Cathy Hawkins has over 25 years’ experience in the financial sector and specialises in insurance law. She is a member of Cubism’s financial liabilities team and advises policyholders on complex insurance claims.
Lately a few people have asked me whether the contra proferentem rule is “dead” in the light of case decisions that seem to say so. Contra proferentem is an important help for policyholders where an ambiguous policy term is presented as excluding their claim. The rule says that if the wording is unclear, it will be narrowly interpreted against the party who drafted it or relies on it, usually the insurer. It can very often mean that policyholders are entitled to cover beyond the insurer’s view of it.
But recently decisions have seemingly reduced its power in insurance policies. For example the recently reported Crowden v QBE where an exclusion in a professional indemnity policy for insolvency was not interpreted narrowly, and so cover was excluded.
The judge said that insurance exclusions define the extent of cover and shouldn’t be interpreted in the incredibly narrow way that exclusions of primary liability in “normal” contracts often are.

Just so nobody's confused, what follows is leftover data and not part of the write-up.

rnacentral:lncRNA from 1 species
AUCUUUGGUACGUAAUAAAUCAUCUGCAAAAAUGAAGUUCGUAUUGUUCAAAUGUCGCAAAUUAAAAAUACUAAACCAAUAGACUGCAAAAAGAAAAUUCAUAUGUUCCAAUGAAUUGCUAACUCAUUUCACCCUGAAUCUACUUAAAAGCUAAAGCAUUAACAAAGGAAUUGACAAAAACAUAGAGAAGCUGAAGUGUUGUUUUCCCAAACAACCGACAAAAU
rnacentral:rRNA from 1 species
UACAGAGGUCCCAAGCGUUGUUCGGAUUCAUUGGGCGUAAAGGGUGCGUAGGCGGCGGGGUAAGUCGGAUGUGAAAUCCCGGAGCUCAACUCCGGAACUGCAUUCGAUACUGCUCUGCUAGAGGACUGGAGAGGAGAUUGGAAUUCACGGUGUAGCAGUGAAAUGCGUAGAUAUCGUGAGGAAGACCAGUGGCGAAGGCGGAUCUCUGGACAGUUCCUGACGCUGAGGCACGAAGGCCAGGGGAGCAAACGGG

I am not sure that all the fuss about a new judicial direction is justified: the clause in Cowden was not really ambiguous, and was specifically directed to excluding cover for a problem apparent in the insured’s industry which insurers probably just didn’t want to underwrite.
Policyholders and their brokers shouldn’t yet worry that the courts have abandoned the contra proferentem rule. But we should all be cautious about the approach to exclusions as the courts’ approach is perhaps to see them as a rather neutral definition clause determining what is and isn’t covered, rather than a “full on” exclusion of liability clause.
About the author
Cathy has over 25 years’ experience in the financial sector and specialises in dispute resolution and insurance law. She is a member of Cubism’s financial liabilities team and advises policyholders on complex insurance claims.